Rockefeller Sanitary Commission (RSC)
The Rockefeller Sanitary Commission for the Eradication of Hookworm Disease (RSC) was a separate organization created to eradicate hookworm disease in the American South. The work of the RSC was the first major attempt at disease eradication, and it provided a model for future work of the Rockefeller Foundation (RF) and its associated organizations, like the International Health Division (IHD).
The RSC was formed in 1909 with a donation from John D. Rockefeller, Sr., of $1 million over five years. The stated object of the commission, according to its by-laws, was “ … to bring about a co-operative movement of the medical profession, public health officials, boards of trade, churches, schools, the press and other agencies for the cure and prevention of hookworm disease.” However, eradication of hookworm was not the RSC’s only goal. This rampant yet easily curable disease provided what was described as a “favorable wedge,” allowing the RSC to promote the creation of an organized and well-funded public health network across the southern United States, a region where health programs had long been neglected. A 1939 RF report tracing the development of rural health services noted that when the RSC began its work, one of the most serious obstacles was the lack of organized public health services in rural districts. In 1909 only three states in the South had a state department of health, and only a few cities had full time health officers.
Wickliffe Rose, a humanities professor and advocate of southern educational reform, was appointed the first head of the RSC. The appointment reinforced the general belief among RSC members that education would be the most important factor in both curing hookworm and creating a new way of thinking about the responsibilities of public health.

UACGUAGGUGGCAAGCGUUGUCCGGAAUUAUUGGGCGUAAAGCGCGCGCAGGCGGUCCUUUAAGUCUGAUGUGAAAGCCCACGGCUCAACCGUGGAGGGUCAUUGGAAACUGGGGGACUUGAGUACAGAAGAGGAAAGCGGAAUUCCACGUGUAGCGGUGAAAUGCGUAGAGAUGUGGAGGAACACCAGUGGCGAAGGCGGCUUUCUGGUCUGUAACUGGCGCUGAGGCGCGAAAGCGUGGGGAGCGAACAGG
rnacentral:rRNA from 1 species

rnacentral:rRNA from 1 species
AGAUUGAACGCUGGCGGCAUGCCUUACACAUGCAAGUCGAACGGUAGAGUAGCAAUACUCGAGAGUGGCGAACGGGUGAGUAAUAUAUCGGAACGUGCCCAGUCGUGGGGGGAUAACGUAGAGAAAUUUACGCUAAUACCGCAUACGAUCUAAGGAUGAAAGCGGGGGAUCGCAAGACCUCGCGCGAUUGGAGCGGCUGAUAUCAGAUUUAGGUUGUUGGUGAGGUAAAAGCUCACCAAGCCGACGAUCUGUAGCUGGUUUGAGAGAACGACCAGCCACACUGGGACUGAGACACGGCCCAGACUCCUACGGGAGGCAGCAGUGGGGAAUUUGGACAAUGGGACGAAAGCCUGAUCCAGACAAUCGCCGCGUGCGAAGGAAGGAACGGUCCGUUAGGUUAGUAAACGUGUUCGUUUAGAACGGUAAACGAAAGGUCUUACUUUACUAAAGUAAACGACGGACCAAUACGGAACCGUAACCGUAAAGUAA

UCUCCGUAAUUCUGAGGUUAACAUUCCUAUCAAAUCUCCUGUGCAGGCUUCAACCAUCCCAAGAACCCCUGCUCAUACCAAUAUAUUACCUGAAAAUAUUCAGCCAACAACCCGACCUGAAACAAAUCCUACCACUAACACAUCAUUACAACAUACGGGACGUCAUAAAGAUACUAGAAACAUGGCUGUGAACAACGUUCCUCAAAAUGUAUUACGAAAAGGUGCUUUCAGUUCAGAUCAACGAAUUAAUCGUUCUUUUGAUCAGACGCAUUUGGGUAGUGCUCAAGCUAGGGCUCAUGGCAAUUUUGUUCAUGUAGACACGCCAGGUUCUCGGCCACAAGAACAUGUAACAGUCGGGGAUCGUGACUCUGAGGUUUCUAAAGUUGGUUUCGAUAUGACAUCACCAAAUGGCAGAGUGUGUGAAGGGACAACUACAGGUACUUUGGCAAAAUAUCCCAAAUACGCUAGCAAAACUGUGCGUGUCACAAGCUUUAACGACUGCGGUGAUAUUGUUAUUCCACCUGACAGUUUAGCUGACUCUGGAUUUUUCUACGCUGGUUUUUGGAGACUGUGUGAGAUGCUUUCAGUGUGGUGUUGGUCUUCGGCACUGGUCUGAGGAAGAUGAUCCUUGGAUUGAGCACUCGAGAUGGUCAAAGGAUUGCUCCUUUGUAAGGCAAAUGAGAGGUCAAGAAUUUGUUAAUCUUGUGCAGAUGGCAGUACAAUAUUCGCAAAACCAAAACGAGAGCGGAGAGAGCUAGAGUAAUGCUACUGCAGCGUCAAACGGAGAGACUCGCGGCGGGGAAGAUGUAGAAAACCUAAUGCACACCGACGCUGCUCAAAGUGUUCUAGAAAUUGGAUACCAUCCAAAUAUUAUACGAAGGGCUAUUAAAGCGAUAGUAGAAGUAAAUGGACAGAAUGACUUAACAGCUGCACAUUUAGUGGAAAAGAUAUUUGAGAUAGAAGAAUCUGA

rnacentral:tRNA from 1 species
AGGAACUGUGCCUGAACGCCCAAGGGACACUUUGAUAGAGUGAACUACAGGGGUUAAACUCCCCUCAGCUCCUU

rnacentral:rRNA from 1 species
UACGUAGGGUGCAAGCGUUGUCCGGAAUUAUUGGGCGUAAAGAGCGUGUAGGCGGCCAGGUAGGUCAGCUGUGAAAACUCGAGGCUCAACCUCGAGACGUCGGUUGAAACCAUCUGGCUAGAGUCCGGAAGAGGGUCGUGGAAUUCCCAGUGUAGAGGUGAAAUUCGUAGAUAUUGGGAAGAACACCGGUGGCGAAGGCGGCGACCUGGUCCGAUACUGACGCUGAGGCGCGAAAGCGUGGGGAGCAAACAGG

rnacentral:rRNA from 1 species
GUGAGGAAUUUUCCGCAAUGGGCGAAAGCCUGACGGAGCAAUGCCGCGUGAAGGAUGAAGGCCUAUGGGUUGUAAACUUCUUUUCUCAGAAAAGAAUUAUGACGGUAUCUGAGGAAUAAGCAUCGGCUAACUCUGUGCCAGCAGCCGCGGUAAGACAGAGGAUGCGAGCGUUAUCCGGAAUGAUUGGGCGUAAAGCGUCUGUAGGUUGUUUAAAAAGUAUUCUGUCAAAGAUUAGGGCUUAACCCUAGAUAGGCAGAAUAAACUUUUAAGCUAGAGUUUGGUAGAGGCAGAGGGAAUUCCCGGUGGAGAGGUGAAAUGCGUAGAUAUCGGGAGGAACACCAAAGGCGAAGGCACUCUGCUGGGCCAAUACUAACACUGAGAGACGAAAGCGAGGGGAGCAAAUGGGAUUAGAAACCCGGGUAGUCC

Through health surveys, travelling dispensaries for treatment and lectures and demonstrations on disease prevention and sanitation, the RSC hoped to create a model that would convince southern states that public health issues were vitally important.
To help accomplish this goal, the RSC tied its funding to partnerships with county health departments willing to contribute funding and assistance. Where county health departments did not exist, the RSC helped to create them. According to Frederick T. Gates, RSC member and Rockefeller’s most trusted advisor, “We do not go into a county, on principle, unless the county officers will pay something from the public funds on the work.”
A Quick End
The RSC was disbanded on December 31, 1914. Congratulating the commission on its work, Rockefeller wrote to its members that “[t]he work thus far accomplished would seem to have brought about in all of the southern states a very general knowledge on the part of physicians, health authorities and the public regarding the prevalence of hookworm disease and the methods of treating and preventing it. The chief purpose of the commission may thus be deemed to have been accomplished.”
For many in the RSC, its end came as a surprise. While only a five-year commitment had been made, many staff, including Rose and Charles W. Stiles, a parasitologist and key organizer of the hookworm campaigns, had expected the work of the RSC to continue until the disease was completely eradicated. The RSC had achieved a great measure of success. Medical staff examined more than 1 million persons and treated 441,408 of them in just five years. However, hookworm still existed in portions of the South. The decision to shutter the RSC was due largely to Gates, who wished to move the newly formed RF towards new global public health goals. While the decision to close the RSC was criticized publicly by Stiles, Rose accepted the decision and remained to helm the newly formed IHD.
The Next Phase
The IHD remained in the southern United States carrying out the last of the region’s hookworm campaigns. Yet as the organization continued work on this regional campaign, its scope broadened to transform public health and eradicate major diseases worldwide.